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The Power of a Smile

Posted on December 20, 2006

By Dave Sherman

Since I know that walking up to a total stranger is a major challenge for many of you, allow me to share with you the first of three important parts of an initial introduction.

The first and most important step to approaching new people is to have a great smile.  Some of us can do this naturally but this can be a challenge for other people.  I don’t care if you are the biggest sourpuss in the world, anyone can conjure up a good smile when they need to.

Have you ever wondered why a smile is so powerful?  It’s just a small facial expression that is caused by the upturning of your lips and the displaying of many of your teeth.  However, it’s so much more.

1) Smiles show friendship – it is kind of like a peace offering for the new people you are meeting.  It shows them that you are friendly and warm and have a desire to meet them.

2) Smiles make new friends – This is a universally known symbol of kindness.  All over the world, the smile is used to create the beginning of so many relationships.

3) Smiles make other people's day brighter – Think about the people you know that always have a smile on their face.  We typically feel happier when we see them.

4) Smiles improve your day – Try this little experiment.  The next time you are having a bad day, unclench your jaws for a while and smile.  I guarantee that you will start to feel much better.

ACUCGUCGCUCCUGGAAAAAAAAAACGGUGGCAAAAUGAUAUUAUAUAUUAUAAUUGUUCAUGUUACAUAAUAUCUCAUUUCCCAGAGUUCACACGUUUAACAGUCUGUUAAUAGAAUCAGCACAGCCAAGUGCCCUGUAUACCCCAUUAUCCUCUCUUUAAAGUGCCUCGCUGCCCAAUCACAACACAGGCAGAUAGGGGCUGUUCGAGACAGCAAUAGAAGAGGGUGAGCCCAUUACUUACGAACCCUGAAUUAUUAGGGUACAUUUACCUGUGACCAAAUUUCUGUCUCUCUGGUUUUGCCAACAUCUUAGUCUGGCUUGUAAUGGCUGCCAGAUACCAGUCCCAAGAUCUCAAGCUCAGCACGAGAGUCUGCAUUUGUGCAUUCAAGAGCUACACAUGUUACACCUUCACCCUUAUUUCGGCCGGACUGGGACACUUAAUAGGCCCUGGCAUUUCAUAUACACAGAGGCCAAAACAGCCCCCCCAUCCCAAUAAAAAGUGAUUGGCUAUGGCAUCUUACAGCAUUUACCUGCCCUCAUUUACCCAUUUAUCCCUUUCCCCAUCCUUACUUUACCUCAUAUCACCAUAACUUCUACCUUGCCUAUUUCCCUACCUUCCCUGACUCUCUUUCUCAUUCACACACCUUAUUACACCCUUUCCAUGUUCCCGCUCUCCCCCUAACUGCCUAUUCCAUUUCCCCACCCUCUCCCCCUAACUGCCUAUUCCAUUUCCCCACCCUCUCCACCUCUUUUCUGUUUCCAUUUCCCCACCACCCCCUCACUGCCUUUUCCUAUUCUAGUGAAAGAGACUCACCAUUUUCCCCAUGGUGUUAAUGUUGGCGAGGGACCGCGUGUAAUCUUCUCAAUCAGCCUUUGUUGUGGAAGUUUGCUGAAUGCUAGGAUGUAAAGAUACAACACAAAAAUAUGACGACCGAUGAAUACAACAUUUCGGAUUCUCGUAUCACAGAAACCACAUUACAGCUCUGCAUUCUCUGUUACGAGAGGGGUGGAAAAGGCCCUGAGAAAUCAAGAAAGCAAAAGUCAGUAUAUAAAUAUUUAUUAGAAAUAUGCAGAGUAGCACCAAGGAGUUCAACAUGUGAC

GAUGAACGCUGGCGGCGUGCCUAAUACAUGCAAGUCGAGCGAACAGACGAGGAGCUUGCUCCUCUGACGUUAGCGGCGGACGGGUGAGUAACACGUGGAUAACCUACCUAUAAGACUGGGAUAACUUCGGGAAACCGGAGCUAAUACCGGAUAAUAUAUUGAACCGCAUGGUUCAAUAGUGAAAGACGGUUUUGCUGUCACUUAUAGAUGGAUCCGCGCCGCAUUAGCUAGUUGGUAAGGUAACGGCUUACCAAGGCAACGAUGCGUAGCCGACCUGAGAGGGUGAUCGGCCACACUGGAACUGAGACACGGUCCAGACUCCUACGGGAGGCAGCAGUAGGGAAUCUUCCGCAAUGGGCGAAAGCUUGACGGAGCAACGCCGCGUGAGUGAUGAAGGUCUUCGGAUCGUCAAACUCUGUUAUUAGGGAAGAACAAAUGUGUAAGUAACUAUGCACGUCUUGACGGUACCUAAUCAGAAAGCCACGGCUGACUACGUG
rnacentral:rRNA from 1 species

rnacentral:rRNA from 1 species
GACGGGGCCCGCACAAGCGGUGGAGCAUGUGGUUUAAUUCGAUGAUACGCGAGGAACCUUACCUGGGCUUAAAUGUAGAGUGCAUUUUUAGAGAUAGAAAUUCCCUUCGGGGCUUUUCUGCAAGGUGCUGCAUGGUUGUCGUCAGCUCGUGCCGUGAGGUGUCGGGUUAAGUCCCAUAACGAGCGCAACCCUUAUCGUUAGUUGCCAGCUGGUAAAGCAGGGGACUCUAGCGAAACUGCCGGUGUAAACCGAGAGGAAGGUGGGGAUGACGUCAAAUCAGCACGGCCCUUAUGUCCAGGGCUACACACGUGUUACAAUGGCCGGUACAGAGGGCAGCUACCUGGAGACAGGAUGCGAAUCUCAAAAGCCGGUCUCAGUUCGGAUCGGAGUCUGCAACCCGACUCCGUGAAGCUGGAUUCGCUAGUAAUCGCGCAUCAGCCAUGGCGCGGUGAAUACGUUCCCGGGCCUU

5) Smiles put others at ease – When meeting people for the first time, the best way to create connections is to do what you can to help make the other people feel more comfortable. 


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Smiling is culture-specific though, and I don't believe its utility is universal. For example, Americans' tendency to use smiling as a social lubricant comes up again and again in French folks' list of grievances against US citizens. Many believe that it's simply hypocritical and empty, and is therefore useless at best, offensive at worst.

Personally, I think smiling is great in this country and doubtless many others, and I'm a generally friendly (and hopefully kind) person. But I have been burned by over-applying the tendency abroad.

Dave Sherman

I have spent a lot of time in the Former Soviet Union and they don't smile a lot over there. It's not that they don't have anything to smile about; it's just, as you said, a cultural thing.

However, regardless of where I am or who I'm with, I believe a smile is one of the best ways to make people feel at ease with you, even in the FSU.


I like to smile. It makes me feel good and it usually infects others with a positive attitude. When I see people smiling at me, it makes me feel good. Leave it to the backwards french who don't use deodorant to turn a smile into a negative thing and consider it a grievance. I guess I wouldn't smile much either if my country smelled like an armpit. I guess it is just a cultural thing.

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